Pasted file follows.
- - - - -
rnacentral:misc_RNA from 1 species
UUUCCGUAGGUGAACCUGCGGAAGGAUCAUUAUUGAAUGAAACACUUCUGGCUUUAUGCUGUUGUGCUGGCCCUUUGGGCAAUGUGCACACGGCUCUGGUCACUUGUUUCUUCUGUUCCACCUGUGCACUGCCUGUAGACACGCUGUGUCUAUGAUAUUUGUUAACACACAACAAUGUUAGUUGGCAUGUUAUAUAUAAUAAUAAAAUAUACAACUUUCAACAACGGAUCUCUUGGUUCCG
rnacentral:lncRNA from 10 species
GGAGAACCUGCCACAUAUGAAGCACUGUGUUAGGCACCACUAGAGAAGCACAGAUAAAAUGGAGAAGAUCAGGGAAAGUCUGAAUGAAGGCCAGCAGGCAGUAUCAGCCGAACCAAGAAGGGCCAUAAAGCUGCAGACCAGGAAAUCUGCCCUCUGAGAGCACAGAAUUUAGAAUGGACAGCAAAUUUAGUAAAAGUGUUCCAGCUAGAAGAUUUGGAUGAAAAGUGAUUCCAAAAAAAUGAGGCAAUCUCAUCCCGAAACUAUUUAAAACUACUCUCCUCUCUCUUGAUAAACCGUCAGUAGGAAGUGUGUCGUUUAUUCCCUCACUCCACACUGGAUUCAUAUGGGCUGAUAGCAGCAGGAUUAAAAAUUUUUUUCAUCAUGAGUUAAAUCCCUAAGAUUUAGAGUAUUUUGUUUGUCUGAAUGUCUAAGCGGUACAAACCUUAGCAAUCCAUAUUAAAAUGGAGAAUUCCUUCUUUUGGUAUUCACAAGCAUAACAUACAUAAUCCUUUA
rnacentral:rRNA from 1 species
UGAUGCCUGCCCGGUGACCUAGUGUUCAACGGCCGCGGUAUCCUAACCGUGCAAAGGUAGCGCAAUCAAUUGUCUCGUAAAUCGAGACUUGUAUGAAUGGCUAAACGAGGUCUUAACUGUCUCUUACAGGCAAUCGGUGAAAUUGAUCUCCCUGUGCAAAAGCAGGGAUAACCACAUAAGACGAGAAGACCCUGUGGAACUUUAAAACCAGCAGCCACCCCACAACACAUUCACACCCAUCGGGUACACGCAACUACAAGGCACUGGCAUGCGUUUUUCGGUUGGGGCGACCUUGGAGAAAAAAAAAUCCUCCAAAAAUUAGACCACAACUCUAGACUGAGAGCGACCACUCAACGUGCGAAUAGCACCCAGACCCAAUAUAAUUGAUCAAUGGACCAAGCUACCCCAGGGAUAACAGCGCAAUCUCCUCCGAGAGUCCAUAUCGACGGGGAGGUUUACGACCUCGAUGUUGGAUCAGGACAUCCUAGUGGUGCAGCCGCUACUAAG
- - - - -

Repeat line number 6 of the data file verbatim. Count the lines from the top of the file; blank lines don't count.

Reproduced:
UGAUGCCUGCCCGGUGACCUAGUGUUCAACGGCCGCGGUAUCCUAACCGUGCAAAGGUAGCGCAAUCAAUUGUCUCGUAAAUCGAGACUUGUAUGAAUGGCUAAACGAGGUCUUAACUGUCUCUUACAGGCAAUCGGUGAAAUUGAUCUCCCUGUGCAAAAGCAGGGAUAACCACAUAAGACGAGAAGACCCUGUGGAACUUUAAAACCAGCAGCCACCCCACAACACAUUCACACCCAUCGGGUACACGCAACUACAAGGCACUGGCAUGCGUUUUUCGGUUGGGGCGACCUUGGAGAAAAAAAAAUCCUCCAAAAAUUAGACCACAACUCUAGACUGAGAGCGACCACUCAACGUGCGAAUAGCACCCAGACCCAAUAUAAUUGAUCAAUGGACCAAGCUACCCCAGGGAUAACAGCGCAAUCUCCUCCGAGAGUCCAUAUCGACGGGGAGGUUUACGACCUCGAUGUUGGAUCAGGACAUCCUAGUGGUGCAGCCGCUACUAAG